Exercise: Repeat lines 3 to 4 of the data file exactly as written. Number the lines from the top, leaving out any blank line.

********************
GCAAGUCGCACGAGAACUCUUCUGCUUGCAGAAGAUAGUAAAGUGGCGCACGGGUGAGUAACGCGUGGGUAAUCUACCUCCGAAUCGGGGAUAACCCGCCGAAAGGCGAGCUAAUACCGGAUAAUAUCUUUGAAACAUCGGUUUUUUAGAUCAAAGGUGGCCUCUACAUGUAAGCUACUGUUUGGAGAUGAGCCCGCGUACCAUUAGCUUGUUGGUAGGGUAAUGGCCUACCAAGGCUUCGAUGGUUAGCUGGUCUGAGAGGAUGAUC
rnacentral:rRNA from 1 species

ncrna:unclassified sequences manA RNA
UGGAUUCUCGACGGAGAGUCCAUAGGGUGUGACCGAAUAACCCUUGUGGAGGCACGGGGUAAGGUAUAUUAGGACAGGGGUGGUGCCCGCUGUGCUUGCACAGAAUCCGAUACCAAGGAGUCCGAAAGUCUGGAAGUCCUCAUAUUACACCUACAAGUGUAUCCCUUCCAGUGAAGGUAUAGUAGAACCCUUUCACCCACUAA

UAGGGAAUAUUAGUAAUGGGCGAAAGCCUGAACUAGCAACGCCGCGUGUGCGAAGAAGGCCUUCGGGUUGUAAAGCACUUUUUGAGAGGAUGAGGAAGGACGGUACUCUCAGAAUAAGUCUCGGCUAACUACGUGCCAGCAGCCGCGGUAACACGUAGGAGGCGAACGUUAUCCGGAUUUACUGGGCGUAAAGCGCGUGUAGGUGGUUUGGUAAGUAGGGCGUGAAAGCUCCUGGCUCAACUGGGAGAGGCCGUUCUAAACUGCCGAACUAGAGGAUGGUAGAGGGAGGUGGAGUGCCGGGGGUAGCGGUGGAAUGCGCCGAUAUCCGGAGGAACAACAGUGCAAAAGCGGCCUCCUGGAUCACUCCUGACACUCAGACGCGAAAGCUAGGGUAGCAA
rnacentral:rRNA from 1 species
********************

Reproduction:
ncrna:unclassified sequences manA RNA
UGGAUUCUCGACGGAGAGUCCAUAGGGUGUGACCGAAUAACCCUUGUGGAGGCACGGGGUAAGGUAUAUUAGGACAGGGGUGGUGCCCGCUGUGCUUGCACAGAAUCCGAUACCAAGGAGUCCGAAAGUCUGGAAGUCCUCAUAUUACACCUACAAGUGUAUCCCUUCCAGUGAAGGUAUAGUAGAACCCUUUCACCCACUAA